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Published: Wednesday, 7/14/2004

Cedar Point shuts down coaster after riders hurt


Cedar Point's Top Thrill Dragster was expected to remain closed today after four riders were injured on it Monday night.

While on the world's tallest and fastest roller coaster, two male and two female passengers were hit with small pieces of metal and debris that deflected off the cable used to launch riders to a height of 420 feet at speeds of up to 120 mph, Cedar Point spokesman Janice Witherow said.

The incident happened at the Sandusky park about 8:20 p.m. at the train's launch. The train completed its route and has been shut down since then, Ms. Witherow said.

"There's nothing more important at Cedar Point than the safety of our guests and the safety of our employees," she said.

The four injured passengers were treated at Cedar Point's first aid station for abrasions mainly on their arms, and one male rider had cuts on his face, Ms. Witherow said.

All four were released into the park after declining precautionary transportation to a nearby hospital, although two guests later sought further treatment on their own, she added.

The $25 million coaster has been plagued by mechanical glitches and cable problems

since it opened May 4, 2003.

A cable that helps launch the coaster came loose May 26, 2003 - 22 days after the ride's debut - resulting in several days of downtime.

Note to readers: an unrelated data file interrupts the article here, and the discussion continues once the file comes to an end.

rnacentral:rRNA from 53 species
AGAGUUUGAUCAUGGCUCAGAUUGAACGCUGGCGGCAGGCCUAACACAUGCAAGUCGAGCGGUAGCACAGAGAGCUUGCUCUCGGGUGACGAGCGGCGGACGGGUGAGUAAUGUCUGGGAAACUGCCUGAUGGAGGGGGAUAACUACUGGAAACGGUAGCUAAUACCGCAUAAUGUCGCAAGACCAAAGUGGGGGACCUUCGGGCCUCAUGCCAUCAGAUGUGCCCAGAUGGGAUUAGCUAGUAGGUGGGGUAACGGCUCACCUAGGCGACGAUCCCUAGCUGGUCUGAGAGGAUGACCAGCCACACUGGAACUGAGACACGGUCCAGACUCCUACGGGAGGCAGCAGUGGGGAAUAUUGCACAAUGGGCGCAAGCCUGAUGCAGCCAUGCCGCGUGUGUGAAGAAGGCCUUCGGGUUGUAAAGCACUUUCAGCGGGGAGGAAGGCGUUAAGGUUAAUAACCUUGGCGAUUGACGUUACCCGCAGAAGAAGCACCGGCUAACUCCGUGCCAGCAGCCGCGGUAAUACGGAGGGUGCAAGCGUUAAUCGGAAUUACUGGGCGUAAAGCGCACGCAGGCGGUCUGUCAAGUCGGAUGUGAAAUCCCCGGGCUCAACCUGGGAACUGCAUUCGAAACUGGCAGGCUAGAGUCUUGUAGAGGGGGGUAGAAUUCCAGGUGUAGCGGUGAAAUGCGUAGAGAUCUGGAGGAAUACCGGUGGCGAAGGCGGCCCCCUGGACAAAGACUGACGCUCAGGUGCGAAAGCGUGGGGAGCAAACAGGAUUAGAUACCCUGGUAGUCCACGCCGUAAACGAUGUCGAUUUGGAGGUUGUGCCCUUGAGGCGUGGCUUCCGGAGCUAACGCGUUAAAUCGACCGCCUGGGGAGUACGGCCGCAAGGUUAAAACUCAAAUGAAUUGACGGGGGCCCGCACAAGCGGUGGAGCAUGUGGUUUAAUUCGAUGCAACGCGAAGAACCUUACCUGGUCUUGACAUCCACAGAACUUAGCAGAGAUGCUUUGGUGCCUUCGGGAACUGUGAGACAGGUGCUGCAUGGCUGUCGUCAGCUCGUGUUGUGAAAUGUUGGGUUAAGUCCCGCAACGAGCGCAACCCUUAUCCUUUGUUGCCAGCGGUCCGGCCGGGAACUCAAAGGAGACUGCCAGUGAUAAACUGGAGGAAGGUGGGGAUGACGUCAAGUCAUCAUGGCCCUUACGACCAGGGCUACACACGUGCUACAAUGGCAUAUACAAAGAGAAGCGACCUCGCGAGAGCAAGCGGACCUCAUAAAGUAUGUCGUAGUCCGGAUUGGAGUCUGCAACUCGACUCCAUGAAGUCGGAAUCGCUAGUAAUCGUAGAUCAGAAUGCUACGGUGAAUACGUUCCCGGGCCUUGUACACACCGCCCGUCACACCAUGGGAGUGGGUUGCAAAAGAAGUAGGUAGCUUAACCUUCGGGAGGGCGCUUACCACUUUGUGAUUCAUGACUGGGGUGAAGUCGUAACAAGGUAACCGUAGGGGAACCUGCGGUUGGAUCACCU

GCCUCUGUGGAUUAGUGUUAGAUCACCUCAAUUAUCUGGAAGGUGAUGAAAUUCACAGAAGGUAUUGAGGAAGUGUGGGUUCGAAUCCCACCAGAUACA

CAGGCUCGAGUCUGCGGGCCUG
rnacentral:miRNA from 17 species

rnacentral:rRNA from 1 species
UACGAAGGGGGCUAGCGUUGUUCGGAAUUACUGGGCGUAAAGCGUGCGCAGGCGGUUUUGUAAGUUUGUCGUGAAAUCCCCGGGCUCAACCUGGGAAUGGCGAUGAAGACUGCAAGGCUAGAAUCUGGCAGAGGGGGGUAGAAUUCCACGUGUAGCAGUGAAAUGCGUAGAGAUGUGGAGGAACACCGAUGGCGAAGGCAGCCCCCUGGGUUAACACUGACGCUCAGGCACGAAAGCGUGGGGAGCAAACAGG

A week later, on June 6, a faulty valve on the hydraulic system that launches the Top Thrill Dragster out of its station forced the ride to close during Cedar Point's annual CoasterMania event for coaster enthusiasts.

Two weeks later, from June 20, 2003, to July 4, 2003, the ride laid dormant because of continual hydraulic system problems.

This year, a strand on the cable that controls the ride's "catch car," part of the ride's launch mechanism, came loose in the afternoon of June 5. The train safely completed its cycle and the cable was replaced overnight by maintenance employees, allowing the ride to reopen the next day.

"Certainly it's disappointing all of us at Cedar Point that our guests are not able to experience the ride," Ms. Witherow said, adding that the staff feels more confident in its operation the more it runs. "We sympathize with guests, but we have to continue to work out some bugs."

Cedar Point staff members are waiting for a new cable to install on the ride and will be doing routine inspections before it opens again for the general public, Ms. Witherow said.

She added that although she doesn't know exactly when the ride will reopen, she encourages guests to look at the posted signs at the entrance gates or to call the general information line for updates.

Contact Erika Ray at:


or 419-724-6050.

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